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Rationale: T-regulatory cells (Tregs) are potent immunomodulators in allergic asthma.
Objectives: We evaluated the functional effects of Tregs by adoptively transferring naturally occurring CD4+CD25+ Tregs (NTregs) and CD4+CD25− inducible Tregs (iTregs) from lung and spleens of green fluorescent protein (GFP)-transgenic Balb/c mice into cockroach-sensitized and -challenged mice.
Methods: GFP-labeled NTregs and iTregs were adoptively transferred into cockroach-sensitized and -challenged mice. Airway hyperresponsiveness (AHR) to methacholine was examined using a single-chamber, whole-body plethysmograph and invasive tracheostomy.
Measurements and Main Results: Adoptive transfer of either NTregs or iTregs from lung or spleen reversed airway inflammation and AHR to methacholine, and the effect lasted for at least 4 weeks. GFP-labeled iTregs up-regulated CD25 and forkhead-winged transcriptional factor box protein 3 and migrated to lymph node and lung. Lung CD4+CD25+ T cells isolated from each group of recipient mice were inducible costimulatory molecule–high and programmed death (PD)-1–positive; however, higher expression of PD-1 was found in the spleen iTregs (S25−) and lung iTregs (L25−) groups. Higher levels of transforming growth factor–β and IL-10 mRNA transcripts and bronchoalveolar lavage fluid IL-10 and INF-γ levels were observed in lung CD4+CD25+ cells from the L25− and S25− cell-recipient mice than from lung NTregs (L25+) and spleen NTregs (S25+) cell-recipient mice. Adoptive transfer of either cell type significantly reduced bronchoalveolar lavage fluid IL-4, IL-5, and IL-13 levels.
Conclusions: Tregs reverse AHR and airway inflammation; however iTregs that differentiated into IL-10–producing CD4+ type 1 cells in the lung exert their suppressive activity likely by higher levels of transforming growth factor–β, IL-10, IFN-γ, and elevated levels of PD-1 compared with NTregs. Hence, PD-1 may be a conduit for reversing AHR by Tregs and a plausible target for treating asthma.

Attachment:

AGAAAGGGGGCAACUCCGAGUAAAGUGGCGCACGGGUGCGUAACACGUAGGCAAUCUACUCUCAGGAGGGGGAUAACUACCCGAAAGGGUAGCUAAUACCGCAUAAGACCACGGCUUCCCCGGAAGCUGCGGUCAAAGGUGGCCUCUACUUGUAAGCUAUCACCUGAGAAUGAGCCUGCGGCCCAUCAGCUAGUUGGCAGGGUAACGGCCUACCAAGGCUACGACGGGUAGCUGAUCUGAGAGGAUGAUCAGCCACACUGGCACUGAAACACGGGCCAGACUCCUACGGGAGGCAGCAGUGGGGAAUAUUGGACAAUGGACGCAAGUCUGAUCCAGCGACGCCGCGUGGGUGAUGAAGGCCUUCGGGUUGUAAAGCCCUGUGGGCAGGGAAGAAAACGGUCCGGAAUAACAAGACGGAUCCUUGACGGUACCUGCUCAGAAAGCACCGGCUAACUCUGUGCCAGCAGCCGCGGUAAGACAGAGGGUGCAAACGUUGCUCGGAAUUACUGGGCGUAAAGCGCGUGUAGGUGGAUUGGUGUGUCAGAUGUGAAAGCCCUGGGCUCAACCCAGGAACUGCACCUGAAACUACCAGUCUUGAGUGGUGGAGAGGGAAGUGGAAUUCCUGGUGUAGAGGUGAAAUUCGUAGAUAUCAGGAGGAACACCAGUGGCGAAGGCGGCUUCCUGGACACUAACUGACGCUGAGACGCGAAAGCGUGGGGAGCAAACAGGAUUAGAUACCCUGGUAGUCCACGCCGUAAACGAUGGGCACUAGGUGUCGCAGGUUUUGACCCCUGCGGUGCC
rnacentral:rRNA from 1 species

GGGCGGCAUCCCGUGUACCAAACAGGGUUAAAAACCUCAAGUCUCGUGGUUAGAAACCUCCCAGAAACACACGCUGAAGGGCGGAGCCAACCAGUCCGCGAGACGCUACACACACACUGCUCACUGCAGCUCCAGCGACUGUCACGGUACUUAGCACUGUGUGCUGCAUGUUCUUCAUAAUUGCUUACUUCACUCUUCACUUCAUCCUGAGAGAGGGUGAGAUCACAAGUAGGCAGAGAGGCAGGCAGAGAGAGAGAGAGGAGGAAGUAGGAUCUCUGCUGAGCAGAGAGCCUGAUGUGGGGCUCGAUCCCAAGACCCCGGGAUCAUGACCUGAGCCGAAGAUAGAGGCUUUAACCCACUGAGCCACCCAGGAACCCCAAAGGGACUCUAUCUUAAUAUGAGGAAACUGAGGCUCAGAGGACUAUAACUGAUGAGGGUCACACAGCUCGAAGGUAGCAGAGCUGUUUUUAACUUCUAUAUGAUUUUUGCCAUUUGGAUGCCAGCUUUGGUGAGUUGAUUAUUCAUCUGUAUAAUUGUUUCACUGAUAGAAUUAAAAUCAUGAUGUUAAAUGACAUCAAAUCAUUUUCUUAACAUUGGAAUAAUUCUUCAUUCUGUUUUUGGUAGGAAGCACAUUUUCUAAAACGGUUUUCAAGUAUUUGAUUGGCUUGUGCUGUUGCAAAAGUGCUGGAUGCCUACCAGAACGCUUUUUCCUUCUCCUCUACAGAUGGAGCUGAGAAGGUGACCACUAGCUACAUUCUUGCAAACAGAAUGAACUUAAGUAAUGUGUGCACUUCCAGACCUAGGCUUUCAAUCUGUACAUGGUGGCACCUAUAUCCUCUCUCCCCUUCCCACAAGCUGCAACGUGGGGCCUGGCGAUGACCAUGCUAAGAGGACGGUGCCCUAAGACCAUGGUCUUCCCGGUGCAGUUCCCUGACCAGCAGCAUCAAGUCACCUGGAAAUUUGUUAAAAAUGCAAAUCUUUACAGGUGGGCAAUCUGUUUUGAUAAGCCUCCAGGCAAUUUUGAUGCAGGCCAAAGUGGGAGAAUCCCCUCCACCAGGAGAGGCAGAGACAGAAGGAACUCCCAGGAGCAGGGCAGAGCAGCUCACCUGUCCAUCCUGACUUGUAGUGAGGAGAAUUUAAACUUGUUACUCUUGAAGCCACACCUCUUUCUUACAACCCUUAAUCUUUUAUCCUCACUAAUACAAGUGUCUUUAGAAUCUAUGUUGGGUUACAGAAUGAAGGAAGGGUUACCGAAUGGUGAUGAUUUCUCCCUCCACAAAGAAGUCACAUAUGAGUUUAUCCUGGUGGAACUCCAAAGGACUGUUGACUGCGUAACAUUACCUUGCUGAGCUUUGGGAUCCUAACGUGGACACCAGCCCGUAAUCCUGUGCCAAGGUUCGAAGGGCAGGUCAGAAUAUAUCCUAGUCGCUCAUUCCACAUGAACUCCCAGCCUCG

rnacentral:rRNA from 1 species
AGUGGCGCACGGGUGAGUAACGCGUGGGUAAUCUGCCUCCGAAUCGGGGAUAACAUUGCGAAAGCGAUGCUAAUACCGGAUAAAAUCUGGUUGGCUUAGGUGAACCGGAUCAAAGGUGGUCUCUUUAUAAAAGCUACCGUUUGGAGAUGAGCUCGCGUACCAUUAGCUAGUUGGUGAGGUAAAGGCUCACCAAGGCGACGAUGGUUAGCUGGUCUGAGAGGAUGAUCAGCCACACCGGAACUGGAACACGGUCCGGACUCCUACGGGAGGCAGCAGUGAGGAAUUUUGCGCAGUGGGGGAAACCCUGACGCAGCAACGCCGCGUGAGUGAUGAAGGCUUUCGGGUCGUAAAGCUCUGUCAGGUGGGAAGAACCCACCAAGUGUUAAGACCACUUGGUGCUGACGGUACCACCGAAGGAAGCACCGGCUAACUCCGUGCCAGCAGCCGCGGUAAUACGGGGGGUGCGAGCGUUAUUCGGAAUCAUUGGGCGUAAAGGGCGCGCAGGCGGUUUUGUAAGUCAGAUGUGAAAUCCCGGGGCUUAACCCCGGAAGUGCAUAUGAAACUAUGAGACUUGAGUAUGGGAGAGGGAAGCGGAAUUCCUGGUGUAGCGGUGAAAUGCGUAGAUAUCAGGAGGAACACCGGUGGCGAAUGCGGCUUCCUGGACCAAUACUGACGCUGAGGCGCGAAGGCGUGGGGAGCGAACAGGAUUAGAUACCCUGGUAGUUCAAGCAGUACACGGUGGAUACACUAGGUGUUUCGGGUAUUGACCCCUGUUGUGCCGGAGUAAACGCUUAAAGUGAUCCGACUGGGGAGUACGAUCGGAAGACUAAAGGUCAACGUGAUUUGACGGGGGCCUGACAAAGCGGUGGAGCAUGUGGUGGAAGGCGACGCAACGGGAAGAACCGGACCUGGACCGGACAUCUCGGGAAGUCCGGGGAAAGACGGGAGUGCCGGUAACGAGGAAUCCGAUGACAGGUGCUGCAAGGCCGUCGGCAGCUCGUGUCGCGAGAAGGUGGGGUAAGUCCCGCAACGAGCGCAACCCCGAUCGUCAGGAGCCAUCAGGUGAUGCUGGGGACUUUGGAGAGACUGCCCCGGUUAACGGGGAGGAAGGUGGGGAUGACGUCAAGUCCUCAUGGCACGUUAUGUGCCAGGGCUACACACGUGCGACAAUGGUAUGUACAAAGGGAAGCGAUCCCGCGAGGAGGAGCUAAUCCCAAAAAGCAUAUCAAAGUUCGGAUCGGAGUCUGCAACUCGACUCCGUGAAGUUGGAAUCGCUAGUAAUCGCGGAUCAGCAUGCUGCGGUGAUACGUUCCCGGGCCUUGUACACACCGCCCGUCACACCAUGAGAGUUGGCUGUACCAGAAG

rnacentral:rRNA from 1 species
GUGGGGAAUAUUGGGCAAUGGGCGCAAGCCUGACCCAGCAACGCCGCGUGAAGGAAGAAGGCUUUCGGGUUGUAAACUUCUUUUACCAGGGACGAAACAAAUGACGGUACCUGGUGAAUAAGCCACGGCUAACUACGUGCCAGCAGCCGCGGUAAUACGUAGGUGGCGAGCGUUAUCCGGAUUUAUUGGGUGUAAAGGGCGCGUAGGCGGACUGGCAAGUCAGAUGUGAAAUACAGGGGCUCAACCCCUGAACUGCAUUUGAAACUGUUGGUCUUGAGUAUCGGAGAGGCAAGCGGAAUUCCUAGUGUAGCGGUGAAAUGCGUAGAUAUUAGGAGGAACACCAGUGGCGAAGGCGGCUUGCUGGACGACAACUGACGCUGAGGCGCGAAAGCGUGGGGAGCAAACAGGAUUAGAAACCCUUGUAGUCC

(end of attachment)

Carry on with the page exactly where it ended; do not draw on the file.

Airway hyperresponsiveness and airway inflammation are hallmarks of allergic asthma, which may result from an imbalance in the ratio of Th1 and Th2 cells, and a loss of function and/or absence of CD4+CD25+ T-regulatory cells.
Adoptive transfer of naturally occurring CD4+CD25+ T-regulatory cells and inducible CD4-CD25− T cells of lung and spleen tissue reversed allergic inflammation. This mechanism, at least in part, was due to increased expression of programmed death–1, and secretion of IL-10 and transforming growth factor–β.
Asthma is a chronic airway disease primarily due to dysregulated type 2 immune response to inhaled antigens (1). Airway hyperresponsiveness (AHR) is believed to be mediated by Th2 cells and the release of their signature cytokines, IL-4, IL-5, IL-9, and IL-13 (2). This cytokine milieu causes pulmonary eosinophilia and chronic inflammation, leading to mucus cell hyperplasia, destructive airway tissue remodeling (3), and contraction of smooth muscle cells (4).
The renaissance of CD4+CD25+ T-regulatory cells (Tregs) has been venerated as a plausible strategy to modulate the effects of dysregulated type 2 immune response. This specialized subset of CD4+ T cells is characterized into two categories: naturally occurring CD4+CD25+ Tregs (NTregs) (5, 6) and inducible CD4+CD25− Tregs (iTregs) to include IL-10–producing CD4+ type 1 (TR1) and Th3 cells (7). NTregs constitutively express CD25, the α-chain of the IL-2R (8–10), and suppress autoimmune T-cell responses and maintain peripheral tolerance. NTregs represent approximately 5 to 10% of the peripheral CD4+ T cells in humans and mice (11) and constitutively express the forkhead-winged transcriptional factor box protein 3 (Foxp3) (12). Compelling evidence demonstrates the necessity of Tregs for normal immune response. Mutations in the X-linked Foxp3 gene in scurfy mice leads to an autoimmune disease characterized by multiorgan lymphocytic infiltration that results in enlarged spleen, lymph nodes, and liver, as well as dermatitis and severe runting (13). In humans, mutations in FOXP3 have been linked to autoimmune diseases, including X-linked autoimmunity allergic dysregulation syndrome (14), X-linked autoimmunity immune deficiency syndrome (15, 16), and immune dysregulation, polyendocrinopathy, enteropathy, X-linked syndrome (IPEX) (12, 17).